• Amnesty International: Dear Azerbaijan, Stop Torture, Love Kiwi Kids
    This is a world where many adults often underestimate Generation Y. Being only a few years out of being a teenager myself, I feel I can make this statement with certainty. However, I have been the Youth Intern at Amnesty...
    The Daily Blog | 18-08
  • GCSB meetings today in Christchurch 1pm at Uni 7pm at Cathedral
    The 2014 GCSB meetings to discuss the mass surveillance state legislation passed by this Government will be debated in Christchurch today at two different meetings. 1pm at Canterbury University bottom floor James Height Building: Chair: Bomber Bradbury Ruth Dyson – Labour Party...
    The Daily Blog | 18-08
  • Things that 7 Sharp should probably be talking about
    Things that 7 Sharp should probably be talking about...
    The Daily Blog | 18-08
  • Guide to when Key is lying
    Guide to when Key is lying...
    The Daily Blog | 18-08
  • GUEST BLOG: Kate Davis – The State of the Student Nation …or is just Al...
    Students politics are dead and our student media is in terminal decline. The most disappointing thing about university is the politics, or should I say lack of? I was raised with the idea that students held the power.They were the...
    The Daily Blog | 18-08
  • Love Lifts Us Up: Thoughts from the Green Party’s campaign launch.
    Author Eleanor Catton wants people to give their party vote to the Greens.Photo by Peter Meecham NO ONE WAS QUITE SURE how he did it. Somehow Bob Harvey had persuaded the owners of the rights to Joe Cocker’s Up Where...
    The Daily Blog | 18-08
  • The Nation Environment Debate with Amy Adams & Russel Norman
    Lisa Owen: Now, this week's campaign debate. As a handful of islands at the bottom of the world, New Zealand is an environmental treasure, and as Kiwis, we're proud of being clean and greenish. But putting that environment to work...
    Scoop politics | 23-08
  • The Nation: Debate Between Amy Adams And Russel Norman
    Lisa Owen Hosts an Environment Debate Between National’s Amy Adams And Russel Norman From the Green Party....
    Scoop politics | 23-08
  • Travel And Accommodation Determination for MPs Released
    The Remuneration Authority today released its determination covering Members of Parliament New Zealand accommodation, travel services for family members, and travel services for former Prime Ministers and their spouses....
    Scoop politics | 23-08
  • Te Kuiti man imprisoned for images of young children
    A Te Kuiti man caught with pictures of children being sexually abused has been sentenced to ten months imprisonment. Sickness beneficiary Daniel James Parry, 35, appeared for sentence in the Tauranga District Court today (Friday) after pleading guilty...
    Scoop politics | 22-08
  • Japan Maritime Training Squadron visit – Open Day, Band
    • The Japan Maritime Self-Defence Force Training Squadron will make port in Auckland from Wednesday 3 September to Saturday 6 September...
    Scoop politics | 22-08
  • MP Perk Transparency Needed
    The Taxpayers’ Union is slamming the increase in taxpayer-funded entitlements for MPs and their families published on the legislation website this afternoon . Taxpayers’ Union Executive Director Jordan Williams says:...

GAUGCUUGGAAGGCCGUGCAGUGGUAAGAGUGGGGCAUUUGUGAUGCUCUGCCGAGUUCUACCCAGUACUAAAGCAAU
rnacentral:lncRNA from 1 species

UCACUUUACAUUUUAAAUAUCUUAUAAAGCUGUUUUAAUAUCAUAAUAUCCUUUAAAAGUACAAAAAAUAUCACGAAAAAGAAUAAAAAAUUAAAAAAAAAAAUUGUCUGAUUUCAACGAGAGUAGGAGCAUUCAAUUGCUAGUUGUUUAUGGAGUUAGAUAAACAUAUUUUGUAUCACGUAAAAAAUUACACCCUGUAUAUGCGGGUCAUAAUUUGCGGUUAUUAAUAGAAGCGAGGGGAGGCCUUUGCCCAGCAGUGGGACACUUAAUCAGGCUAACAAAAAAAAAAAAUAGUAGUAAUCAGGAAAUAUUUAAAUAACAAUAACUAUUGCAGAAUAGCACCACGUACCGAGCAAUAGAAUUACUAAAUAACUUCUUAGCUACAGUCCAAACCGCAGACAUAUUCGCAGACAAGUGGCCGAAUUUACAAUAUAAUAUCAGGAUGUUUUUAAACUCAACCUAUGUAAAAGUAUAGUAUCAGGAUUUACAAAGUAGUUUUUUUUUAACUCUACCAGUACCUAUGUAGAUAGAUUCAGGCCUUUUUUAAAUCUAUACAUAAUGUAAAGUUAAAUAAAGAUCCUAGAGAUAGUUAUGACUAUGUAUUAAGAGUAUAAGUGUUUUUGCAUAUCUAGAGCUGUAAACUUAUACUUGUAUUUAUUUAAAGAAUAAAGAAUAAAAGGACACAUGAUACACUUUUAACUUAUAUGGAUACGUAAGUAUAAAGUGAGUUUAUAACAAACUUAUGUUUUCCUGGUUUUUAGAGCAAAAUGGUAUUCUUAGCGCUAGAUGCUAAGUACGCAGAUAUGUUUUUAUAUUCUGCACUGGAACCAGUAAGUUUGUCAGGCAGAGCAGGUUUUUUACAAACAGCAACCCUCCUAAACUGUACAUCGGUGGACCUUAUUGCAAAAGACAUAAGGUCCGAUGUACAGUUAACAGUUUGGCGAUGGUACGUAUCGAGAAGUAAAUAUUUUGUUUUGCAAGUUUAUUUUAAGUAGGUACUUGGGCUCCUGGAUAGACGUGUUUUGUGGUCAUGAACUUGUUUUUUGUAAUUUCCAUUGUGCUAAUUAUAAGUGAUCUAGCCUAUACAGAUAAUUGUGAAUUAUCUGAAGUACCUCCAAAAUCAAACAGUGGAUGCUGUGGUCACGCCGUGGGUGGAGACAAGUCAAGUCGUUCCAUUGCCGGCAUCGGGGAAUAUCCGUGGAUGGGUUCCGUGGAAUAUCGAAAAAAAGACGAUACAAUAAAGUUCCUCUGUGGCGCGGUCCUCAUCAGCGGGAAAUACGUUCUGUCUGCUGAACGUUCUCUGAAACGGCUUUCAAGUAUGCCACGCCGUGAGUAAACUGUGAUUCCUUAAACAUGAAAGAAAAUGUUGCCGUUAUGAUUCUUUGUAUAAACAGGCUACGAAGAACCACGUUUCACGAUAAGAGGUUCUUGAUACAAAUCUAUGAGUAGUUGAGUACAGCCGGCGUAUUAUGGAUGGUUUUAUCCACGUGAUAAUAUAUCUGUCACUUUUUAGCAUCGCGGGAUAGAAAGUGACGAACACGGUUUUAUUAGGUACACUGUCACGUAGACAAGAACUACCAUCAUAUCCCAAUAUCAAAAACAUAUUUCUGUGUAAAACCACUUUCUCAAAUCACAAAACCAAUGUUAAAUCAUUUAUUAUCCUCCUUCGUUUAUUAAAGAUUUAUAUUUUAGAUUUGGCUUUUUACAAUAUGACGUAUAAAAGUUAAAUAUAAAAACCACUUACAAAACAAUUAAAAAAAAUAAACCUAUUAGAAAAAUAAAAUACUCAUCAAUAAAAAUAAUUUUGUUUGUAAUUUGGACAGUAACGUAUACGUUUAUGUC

Scoop politics | 22-08
  • Debating the future of Auckland’s housing
    With only weeks until the General Election, Auckland’s mounting housing crisis will be put under the spotlight in an Election Debate hosted by the School of Architecture and Planning at the University of Auckland. The debate’s topic “Market forces...
    Scoop politics | 22-08
  • Let’s sort this out – Human Rights Commission
    A Whangarei woman allegedly censured for greeting customers with Kia ora can get in touch with the Human Rights Commission says Race Relations Commissioner Dame Susan Devoy. “We really need to resolve these kinds of issues. I had thought that...
    Scoop politics | 22-08
  • Aged Care Association welcomes Labour’s wages policy
    The New Zealand Aged Care Association welcomes the Labour Party’s announcement that if elected, it will raise the minimum wage for aged care workers within its first 100 days in Government....
    Scoop politics | 22-08
  • Honorary doctorate for Secretary-General of the UN
    An Honorary Doctor of Laws degree is to be bestowed on His Excellency Mr Ban Ki-moon, Secretary-General of the United Nations, by the University of Auckland on Wednesday 3 September, both in recognition of his role as an international statesman...
    Scoop politics | 22-08
  • Surveillance of Mr Upul Jayasuriya
    The New Zealand Bar Association joins the International Bar Association (IBA) and other Law Societies and Bar Associations worldwide over the reported surveillance of Mr Upul Jayasuriya, President of the Bar Association of Sri Lanka....
    Scoop politics | 22-08
  • Bob Parker, China State Media and Tibet Forum
    Former Christchurch mayor was signed up to position statement without his knowledge; observed “happiness” in Tibet as Tibetan protesters elsewhere shot by security forces...
    Scoop politics | 22-08
  • “Walk the talk to reduce the wage gap”
    There’s just a few weeks left to convince the candidates of all political parties that reducing the wage gaps makes good sense....
    Scoop politics | 22-08